Strip Native Commands

Stripping the commands such as java.exe has been the default for the Java Packager but some developers need the command line tools such as java.exe. So there will be an option to include the native commands by turning off the removal of stripping of commands:

--strip-native-commands false

Add support for modules and module paths

Jigsaw introduces the notion of a "module path" in addition to a classpath. The module path consists of paths to the libraries, JDK modules and the application module. The paths that contain these modules are specified with the command line argument:

--module-path <path>(:<path>)*

It can be supplied only once and it is a platform path. The root modules and their transitive dependences are linked to create a modular run-time image (JEP 220).

The developer can supply a path with packaged modules to bundle with a different version of the Java Runtime than the default. If no JDK packaged modules are provided by the developer then the Java Packager will default to using the packaged modules supplied with the version of the JDK that the Java Packager ships with ($JAVA_HOME/jmods).

The Java Packager does not currently provide a mechanism to copy packaged modules to the application run-time image instead of linking into the jimage. The most likely need for this scenario would be if the application supports plugins and these modules live outside of the bundled image. If that is the case, the developer will need to override the --module-path and --add-modules using the user JVM argument overrides.

Module Configurations

There are two types of Java applications that will be bundled using the Java Packager: Non-modular JARs and Modular Applications.

Non-modular JARs consist of a JAR without a module-info.class in the JAR file. Use -appClass and -BmainJar=. for applications. Developers will use the Java Packager with the same arguments as with previous versions prior to JDK 9 using the -srcfiles, -Bclasspath=, -appClass and -BmainJar= arguments. For backwards compatibility no new modular arguments are required and by default the embedded Java Runtime will consist of all redistributable modules, so there will be no size reduction of the bundled runtime. Developers can use --module-path, --add-modules and --limit-modules to include 3rd party modules.

For example:

javapackager -deploy -v -outdir output -name HelloWorld -Bclasspath=hello.world.jar -native -BsignBundle=false -BappVersion=1.0 -Bmac.dmg.simple=true -srcfiles hello.world.jar -appClass HelloWorld -BmainJar=hello.world.jar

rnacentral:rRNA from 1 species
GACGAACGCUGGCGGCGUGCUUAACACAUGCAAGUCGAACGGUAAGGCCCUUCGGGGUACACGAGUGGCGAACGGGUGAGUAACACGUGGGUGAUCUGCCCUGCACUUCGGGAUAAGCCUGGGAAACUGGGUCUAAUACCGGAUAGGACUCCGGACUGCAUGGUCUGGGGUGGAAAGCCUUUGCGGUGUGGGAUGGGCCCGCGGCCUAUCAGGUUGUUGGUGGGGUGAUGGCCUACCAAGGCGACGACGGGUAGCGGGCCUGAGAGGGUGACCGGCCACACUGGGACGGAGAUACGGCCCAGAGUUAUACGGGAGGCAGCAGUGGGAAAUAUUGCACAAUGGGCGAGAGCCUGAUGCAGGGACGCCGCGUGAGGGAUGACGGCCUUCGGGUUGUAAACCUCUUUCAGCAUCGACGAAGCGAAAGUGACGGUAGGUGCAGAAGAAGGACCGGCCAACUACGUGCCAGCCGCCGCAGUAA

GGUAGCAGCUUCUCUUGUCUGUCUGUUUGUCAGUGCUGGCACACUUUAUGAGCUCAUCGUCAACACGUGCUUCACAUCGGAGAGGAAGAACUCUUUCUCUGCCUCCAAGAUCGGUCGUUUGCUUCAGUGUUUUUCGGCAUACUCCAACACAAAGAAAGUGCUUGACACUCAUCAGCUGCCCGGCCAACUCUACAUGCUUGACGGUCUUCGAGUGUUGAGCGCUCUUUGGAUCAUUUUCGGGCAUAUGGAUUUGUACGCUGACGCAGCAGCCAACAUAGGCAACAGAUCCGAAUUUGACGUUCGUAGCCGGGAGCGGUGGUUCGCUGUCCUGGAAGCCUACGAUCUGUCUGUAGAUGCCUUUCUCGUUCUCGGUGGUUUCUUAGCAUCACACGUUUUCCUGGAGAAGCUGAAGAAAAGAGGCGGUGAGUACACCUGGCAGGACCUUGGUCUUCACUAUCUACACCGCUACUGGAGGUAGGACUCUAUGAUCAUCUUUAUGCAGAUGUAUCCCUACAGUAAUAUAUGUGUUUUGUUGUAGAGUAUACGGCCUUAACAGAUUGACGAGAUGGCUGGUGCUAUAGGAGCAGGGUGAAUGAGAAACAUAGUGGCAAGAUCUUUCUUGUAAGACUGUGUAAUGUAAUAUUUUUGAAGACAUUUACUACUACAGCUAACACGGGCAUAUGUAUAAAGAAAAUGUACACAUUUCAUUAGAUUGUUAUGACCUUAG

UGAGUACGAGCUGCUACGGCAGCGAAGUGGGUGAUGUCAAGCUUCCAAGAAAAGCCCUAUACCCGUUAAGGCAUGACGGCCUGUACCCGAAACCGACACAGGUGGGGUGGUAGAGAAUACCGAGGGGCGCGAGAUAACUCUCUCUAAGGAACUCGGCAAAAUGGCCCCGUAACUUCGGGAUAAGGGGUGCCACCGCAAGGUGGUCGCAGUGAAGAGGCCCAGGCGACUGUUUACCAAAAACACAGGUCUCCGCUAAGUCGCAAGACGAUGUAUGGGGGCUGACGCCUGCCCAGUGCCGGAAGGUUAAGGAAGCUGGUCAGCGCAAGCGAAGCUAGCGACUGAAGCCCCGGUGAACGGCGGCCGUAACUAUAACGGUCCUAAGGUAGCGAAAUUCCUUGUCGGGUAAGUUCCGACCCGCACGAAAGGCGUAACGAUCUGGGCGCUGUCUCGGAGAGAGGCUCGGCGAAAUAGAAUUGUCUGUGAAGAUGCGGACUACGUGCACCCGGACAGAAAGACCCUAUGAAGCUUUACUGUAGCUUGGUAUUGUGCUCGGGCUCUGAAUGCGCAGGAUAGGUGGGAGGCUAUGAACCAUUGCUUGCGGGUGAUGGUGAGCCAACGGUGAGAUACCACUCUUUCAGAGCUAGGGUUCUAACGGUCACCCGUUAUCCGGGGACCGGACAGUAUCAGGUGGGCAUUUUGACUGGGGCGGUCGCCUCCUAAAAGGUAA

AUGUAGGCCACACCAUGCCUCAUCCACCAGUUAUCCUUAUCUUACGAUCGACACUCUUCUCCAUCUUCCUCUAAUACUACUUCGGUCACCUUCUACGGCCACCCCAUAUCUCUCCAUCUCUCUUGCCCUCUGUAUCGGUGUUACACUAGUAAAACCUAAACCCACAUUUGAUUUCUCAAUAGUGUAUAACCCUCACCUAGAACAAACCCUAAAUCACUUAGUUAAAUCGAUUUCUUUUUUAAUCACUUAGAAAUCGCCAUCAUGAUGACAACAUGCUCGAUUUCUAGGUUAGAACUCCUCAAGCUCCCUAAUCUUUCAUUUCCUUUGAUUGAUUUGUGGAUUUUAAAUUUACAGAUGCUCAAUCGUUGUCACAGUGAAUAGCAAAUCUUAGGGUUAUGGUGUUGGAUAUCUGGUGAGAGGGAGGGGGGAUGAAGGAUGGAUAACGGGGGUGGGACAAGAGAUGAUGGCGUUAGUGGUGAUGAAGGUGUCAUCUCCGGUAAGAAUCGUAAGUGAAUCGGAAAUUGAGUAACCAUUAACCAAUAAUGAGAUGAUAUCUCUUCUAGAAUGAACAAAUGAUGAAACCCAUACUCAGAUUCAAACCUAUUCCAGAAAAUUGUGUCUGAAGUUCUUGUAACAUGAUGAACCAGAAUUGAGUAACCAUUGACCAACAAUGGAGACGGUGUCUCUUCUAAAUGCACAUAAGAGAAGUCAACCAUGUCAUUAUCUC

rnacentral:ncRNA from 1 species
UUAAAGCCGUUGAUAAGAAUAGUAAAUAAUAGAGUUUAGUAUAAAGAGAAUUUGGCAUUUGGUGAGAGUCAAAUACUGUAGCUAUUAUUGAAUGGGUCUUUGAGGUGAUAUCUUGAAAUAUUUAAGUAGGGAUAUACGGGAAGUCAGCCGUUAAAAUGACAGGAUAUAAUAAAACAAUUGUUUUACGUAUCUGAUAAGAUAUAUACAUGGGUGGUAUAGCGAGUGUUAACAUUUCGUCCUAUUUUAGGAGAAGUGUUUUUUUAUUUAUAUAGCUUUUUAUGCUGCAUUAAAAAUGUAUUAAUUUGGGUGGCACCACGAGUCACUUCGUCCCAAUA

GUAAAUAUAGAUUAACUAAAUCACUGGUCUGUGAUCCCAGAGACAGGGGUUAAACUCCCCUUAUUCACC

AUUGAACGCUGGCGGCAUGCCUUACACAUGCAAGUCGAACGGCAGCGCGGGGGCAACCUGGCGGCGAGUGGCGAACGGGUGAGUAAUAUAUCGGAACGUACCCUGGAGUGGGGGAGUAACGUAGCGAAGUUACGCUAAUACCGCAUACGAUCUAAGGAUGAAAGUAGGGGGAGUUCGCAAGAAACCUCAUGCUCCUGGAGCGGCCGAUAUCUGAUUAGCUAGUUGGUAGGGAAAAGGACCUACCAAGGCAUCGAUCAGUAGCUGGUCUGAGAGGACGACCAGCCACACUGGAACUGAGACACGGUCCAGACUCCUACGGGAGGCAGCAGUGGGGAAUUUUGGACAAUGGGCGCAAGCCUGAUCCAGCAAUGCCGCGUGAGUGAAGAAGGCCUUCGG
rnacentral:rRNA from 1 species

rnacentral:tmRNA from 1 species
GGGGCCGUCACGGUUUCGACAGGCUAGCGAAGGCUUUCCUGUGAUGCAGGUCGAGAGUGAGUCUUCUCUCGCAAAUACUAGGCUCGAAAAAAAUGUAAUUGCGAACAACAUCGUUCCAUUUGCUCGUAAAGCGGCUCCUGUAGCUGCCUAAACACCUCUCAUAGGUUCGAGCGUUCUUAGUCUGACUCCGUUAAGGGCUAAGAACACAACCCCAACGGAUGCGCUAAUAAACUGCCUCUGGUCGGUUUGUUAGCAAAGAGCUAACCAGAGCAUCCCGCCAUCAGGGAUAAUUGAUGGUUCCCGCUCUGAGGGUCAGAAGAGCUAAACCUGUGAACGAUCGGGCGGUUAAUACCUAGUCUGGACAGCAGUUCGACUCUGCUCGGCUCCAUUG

Modular Applications consist of a JAR, exploded module, or packaged module containing a module-info.class. To bundle with a Modular Application the --module and --module-path arguments must be specified. --module is mutually exclusive to -appClass and -BmainJar=. --module-path must provide a path containing the main module (the module referenced with --module). Other modules can be added to the run-time image using --add-modules and --limit-modules. Modules dynamically loaded through core reflection or services must be manually specified with --add-modules. The main module and the modules provided by --add-modules will define the root modules. jlink will create a run-time image with the specified root modules and their transitive dependencies.

For example:

javapackager -deploy -v -outdir output -name Test -native -BsignBundle=false -BappVersion=1.0 -Bmac.dmg.simple=true --module-path /path/to/jmod --module hello.world/com.greetings.HelloWorld

This command will produce a run-time image consisting of the main module and all of its transitive dependencies. Other modules can be added via --add-modules option.

Modules

The packager will be split into two modules:

jdk.packager
jdk.packager.services

jdk.packager contains the Java Packager that builds the app bundle and the installers. jdk.packager.services is a module that is bundled with the app bundle that provides access to packager services at runtime such as JVM user arguments.

JNLP

The bundles that are generated will depend on the input and the options provided. Historically -deploy would generate all native bundles and .jnlp files. Now, -deploy in conjunction with -module will not generate .jnlp files since JNLP does not support the new modular options. -native with no options will generate all native bundles available.

Testing

First and foremost, existing API, command line, and Ant invocations of the Java Packager that worked in JDK 8 should work in JDK 9, so existing tests for the JDK 8 packager should be run.

New tests will need to be written to exercise the new flags exposed to to support run-time image generation, module-path specifications, and jeeps process interactions.

Risks and Assumptions

We assume that the project will be delivered substantially as it has been described. If large functional parts are moved to later releases, such as the module path and module system, then the corresponding portions of this JEP will slip as well.

Dependences